< 500 granulocytes/l
< 20,000 platelets/ l
<10,000 reticulocytes/ l

Aplastic Anemia
Sickle Cell Anemia
Mild to severe A/T mutation: valine instead of glutamic acid
Clinical findings RBCs have are sickle-shaped
Symptoms of anemia
Trait is AD; disease is AR
Retinal & cerebral hemorrhage
Tissue ischemia, infarction and tissue death
Neutropenia, leukopenia, granulocytopenia Sickle cell crisis: long bones, lungs, abdomen
Treatment Infections: Hem. influenza, Strept. pneumoniae,
Antibiotics, transfusions, androgenic steroids, (due to spleen infarction), Salmonella
immunomodulatory therapy, BMT

Sickle Cell Anemia
Delayed growth
Impaired kidney function
Oral findings
Reduced trabeculation of mandible
Hair-on-end appearance of calvaria


Alpha and Beta types

2 genes for B; 4 genes for Alpha
Hemolytic disorder: spleen hemolysis

One defective gene: thalassemia minor
Two genes: thalassemia major (Colleys dz.
or Mediterranean fever)
Detected during 1st year of life, usually after
fetal hemoglobin synthesis ceases
Extremely fragile RBCs
Extramedullary hematopoiesis
Hepatomegaly, splenomegaly

Painless enlargement of mandible and maxilla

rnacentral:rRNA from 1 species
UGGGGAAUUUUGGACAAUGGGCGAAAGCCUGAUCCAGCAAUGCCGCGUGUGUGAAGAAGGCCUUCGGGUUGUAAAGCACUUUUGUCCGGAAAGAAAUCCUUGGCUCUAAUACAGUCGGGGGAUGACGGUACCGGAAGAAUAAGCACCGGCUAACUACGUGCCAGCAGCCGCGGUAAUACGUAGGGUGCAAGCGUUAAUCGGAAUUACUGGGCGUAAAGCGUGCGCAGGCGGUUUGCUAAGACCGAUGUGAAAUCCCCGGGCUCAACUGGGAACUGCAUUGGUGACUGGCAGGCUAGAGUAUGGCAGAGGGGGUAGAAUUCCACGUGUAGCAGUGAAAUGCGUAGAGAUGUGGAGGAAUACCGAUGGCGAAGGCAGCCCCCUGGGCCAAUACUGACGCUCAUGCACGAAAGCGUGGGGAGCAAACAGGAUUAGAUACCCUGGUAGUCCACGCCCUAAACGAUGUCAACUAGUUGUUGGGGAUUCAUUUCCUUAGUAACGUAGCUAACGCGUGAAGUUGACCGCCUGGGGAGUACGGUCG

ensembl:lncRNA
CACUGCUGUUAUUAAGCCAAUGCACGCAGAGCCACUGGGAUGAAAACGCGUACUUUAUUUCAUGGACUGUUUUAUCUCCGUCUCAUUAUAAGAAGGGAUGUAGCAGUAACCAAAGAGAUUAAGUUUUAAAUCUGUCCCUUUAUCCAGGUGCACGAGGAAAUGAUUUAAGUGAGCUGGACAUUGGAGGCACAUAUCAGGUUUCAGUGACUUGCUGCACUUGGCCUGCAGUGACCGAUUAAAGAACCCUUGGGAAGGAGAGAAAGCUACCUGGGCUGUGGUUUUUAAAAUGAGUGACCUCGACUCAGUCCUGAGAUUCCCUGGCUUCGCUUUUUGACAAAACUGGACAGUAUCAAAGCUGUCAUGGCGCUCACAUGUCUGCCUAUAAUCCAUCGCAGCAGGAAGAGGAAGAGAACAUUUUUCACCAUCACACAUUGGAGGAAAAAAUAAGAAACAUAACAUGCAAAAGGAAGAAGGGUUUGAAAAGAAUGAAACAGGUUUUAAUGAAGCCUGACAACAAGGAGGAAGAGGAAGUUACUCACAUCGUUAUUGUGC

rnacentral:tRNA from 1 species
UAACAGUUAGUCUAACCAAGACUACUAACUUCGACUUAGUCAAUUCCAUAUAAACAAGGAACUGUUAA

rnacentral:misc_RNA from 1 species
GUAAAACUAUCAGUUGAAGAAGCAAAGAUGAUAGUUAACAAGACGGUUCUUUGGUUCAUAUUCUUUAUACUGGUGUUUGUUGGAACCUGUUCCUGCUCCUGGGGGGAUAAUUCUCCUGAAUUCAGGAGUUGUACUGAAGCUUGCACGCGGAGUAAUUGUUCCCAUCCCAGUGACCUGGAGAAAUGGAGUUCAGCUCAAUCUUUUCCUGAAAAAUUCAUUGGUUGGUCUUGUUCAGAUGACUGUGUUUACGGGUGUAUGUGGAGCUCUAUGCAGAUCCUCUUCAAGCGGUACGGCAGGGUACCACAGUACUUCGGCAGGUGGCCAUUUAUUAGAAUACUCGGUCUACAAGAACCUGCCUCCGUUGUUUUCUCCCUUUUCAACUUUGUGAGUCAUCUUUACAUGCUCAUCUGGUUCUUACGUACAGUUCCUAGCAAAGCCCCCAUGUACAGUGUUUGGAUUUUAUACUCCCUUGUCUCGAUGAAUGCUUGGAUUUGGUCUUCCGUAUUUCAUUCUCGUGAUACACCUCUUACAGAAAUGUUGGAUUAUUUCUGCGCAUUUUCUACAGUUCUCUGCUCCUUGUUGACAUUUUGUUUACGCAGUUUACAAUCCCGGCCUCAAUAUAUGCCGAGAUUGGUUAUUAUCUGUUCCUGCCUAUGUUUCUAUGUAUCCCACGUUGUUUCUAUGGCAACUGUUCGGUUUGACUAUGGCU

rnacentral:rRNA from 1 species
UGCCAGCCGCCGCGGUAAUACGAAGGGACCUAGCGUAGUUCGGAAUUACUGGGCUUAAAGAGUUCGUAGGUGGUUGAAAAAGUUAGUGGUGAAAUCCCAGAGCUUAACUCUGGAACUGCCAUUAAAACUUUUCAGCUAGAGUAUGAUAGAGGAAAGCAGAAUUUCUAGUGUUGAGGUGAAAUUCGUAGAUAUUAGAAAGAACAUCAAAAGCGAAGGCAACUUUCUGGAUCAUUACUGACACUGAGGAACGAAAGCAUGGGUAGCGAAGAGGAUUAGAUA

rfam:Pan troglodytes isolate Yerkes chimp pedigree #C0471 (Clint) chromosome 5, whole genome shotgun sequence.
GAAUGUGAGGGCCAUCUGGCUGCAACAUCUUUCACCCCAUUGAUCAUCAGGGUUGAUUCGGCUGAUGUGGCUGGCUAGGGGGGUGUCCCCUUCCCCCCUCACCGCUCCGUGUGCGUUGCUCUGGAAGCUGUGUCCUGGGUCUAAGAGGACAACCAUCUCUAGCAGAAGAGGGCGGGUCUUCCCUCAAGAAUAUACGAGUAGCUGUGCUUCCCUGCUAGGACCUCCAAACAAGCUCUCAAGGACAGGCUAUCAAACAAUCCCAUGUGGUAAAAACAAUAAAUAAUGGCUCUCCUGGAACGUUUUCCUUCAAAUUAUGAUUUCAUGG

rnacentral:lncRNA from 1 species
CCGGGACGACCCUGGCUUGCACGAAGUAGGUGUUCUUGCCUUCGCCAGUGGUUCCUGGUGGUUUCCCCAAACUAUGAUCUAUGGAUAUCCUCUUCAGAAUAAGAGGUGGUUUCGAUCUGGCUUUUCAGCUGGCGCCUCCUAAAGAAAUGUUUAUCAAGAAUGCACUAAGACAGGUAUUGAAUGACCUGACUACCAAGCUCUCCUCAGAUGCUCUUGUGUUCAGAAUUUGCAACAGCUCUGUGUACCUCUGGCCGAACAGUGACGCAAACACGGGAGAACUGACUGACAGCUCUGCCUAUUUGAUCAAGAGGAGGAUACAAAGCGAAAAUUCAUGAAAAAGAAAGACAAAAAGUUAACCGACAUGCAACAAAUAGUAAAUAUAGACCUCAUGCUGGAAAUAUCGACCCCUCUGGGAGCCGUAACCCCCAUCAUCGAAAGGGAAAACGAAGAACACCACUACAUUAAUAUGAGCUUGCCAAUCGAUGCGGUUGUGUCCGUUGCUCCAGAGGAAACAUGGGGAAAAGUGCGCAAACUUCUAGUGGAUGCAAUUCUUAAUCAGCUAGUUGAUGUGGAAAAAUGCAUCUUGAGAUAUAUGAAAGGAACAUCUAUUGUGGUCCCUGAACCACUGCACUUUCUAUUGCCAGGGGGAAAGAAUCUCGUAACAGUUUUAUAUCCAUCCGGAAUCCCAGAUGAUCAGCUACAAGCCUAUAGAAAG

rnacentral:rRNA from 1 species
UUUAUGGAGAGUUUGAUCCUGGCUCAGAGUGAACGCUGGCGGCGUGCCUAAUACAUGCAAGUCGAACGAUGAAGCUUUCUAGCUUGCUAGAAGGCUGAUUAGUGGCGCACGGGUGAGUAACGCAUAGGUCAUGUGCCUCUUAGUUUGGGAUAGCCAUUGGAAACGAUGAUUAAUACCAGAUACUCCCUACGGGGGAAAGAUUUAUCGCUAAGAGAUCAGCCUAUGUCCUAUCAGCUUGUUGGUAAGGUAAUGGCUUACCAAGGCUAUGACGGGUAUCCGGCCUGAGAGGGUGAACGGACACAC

Chipmunk facies
One gene affected no disease
Hair-on-end appearance of calvaria
Two genes affected trait
Three genes affected Hb H disease
Hemolytic anemia, splenomegaly
Four genes affected hydrops fetalis
Fatal within hours of birth

Polycythemia Vera Polycythemia Vera

Initially, nonspecific clinical symptoms, 40% of
Rare idiopathic hematologic disorder patients report pruritus
RBC, also uncontrolled production of CVA, MI
platelets and granulocytes Erythromelalgia: burning sensation & erythema
Abnormal proliferation uncontrolled be Hemorrhage (Gingiva)
regulatory hormones such as erythopoietin
Increased risk for leukemia due to chemotherapy
Older patients

White Blood Cell Disorders

Lymphoid Hyperplasia Lymphadenopathy

1. Enlargement of lymphoid tissue Acute infection

Enlarged, tender, relatively soft, freely movable
2. Antigenic challenge Chronic infection
Enlarged, rubbery firm, nontender, freely movable
3. Lymph nodes, Waldeyers ring, lymphoid Neoplasm
aggregates Nontender, progressive enlargement, freely
movable or fixed

Lymphoid Hyperplasia
Can occur intraorally
Tonsils, lateral tongue, floor mouth
Premasseteric lymph node
Color: normal, pink, yellow-orange
Microscopy: Lymphoid aggregates,